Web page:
Pop-Up Installation Offers Cheese Made From Breast Milk

Roland Brown dug the breast milk cheese at the Lady Cheese Shop.

An East Village pop-up installation - known as the Lady Cheese Shop - recently lured foodies to tastings of three cheeses made from an unconventional source: human mothers.

NYU Grad student Miriam Simun, the creator behind the installation, offered the patrons cheese made from mothers' milk last weekend in the Michael Mut gallery space in the East Village. She defined it as a "thought experiment."

"If we're so wrapped up in this idea of local and natural, human cheese is actually the most local thing in New York City and the most natural, according to evolution," Simun said.

Two women from New York and one from Wisconsin provided the milk for the cheese, which Simun said she created with their personalities in mind โ€” a mozzarella (Wisconsin Chew), a ricotta (Midtown Smoke), and a blue (West Side Funk), each named after the woman's place of residence.

"Here we have West Side Funk; it's the mother from Chelsea," Simon said while pointing to a spreadable cheese paired with oatmeal crackers. "She loves blue cheese so we worked to make a blue cheese with her. She eats a lot of meat and so the milk is quite rich and strong tasting.โ€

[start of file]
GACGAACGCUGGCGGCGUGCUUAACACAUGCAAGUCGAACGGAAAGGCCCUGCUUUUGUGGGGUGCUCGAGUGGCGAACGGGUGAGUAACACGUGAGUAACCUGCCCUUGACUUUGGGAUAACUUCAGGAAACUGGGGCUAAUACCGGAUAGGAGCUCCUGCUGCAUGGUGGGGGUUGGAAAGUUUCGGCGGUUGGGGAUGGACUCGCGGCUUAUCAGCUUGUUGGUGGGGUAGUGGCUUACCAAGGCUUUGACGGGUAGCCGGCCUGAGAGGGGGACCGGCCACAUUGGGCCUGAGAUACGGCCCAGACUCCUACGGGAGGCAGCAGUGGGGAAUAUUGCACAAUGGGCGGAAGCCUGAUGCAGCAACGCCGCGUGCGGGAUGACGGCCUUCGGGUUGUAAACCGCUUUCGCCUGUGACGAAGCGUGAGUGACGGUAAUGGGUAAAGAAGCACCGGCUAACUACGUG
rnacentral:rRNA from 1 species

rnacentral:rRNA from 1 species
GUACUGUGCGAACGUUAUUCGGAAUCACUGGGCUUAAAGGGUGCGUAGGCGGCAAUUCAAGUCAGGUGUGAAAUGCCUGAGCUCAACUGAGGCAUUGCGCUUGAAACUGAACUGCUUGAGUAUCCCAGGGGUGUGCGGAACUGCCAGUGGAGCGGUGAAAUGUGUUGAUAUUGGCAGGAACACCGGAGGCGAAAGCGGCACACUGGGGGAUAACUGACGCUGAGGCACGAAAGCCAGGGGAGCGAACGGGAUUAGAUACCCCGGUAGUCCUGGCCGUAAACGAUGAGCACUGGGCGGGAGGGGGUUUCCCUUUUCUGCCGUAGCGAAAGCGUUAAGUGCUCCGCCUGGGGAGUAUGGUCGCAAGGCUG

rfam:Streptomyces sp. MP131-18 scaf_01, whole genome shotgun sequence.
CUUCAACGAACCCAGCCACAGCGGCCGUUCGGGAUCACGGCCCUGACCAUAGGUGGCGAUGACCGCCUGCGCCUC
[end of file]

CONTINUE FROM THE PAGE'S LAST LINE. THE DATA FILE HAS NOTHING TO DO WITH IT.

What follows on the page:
The cheeses are made from half human milk, half cow or goat milk. All milk was tested for disease before they were made into cheese. Breast milk sells for about $2 an ounce, making a small rind worth about $200, but Simun said she wasn't interested in selling the product.

"I really did like the taste," said taster Willy Machan. "I wouldn't be able to tell the difference between my favorite from Zabar's and this one."

Jill Fehrenbacher, also at the tasting, popped some of the mozzarella into her mouth.

"People get disgusted by the idea of human breast milk, but they're not disgusted by drinking breast milk from cows and goats. It's weird," she said, adding that the cheese tasted "Ok."

Pamela Zwaskis, who identified as a foodie and recently attended a five-course insect dinner, was also a fan.

"If somebody put these out on trays at a party you probably wouldn't notice any difference," she said. "I love cheese so any variation on cheese is good."

She added, "This was made for human consumption!"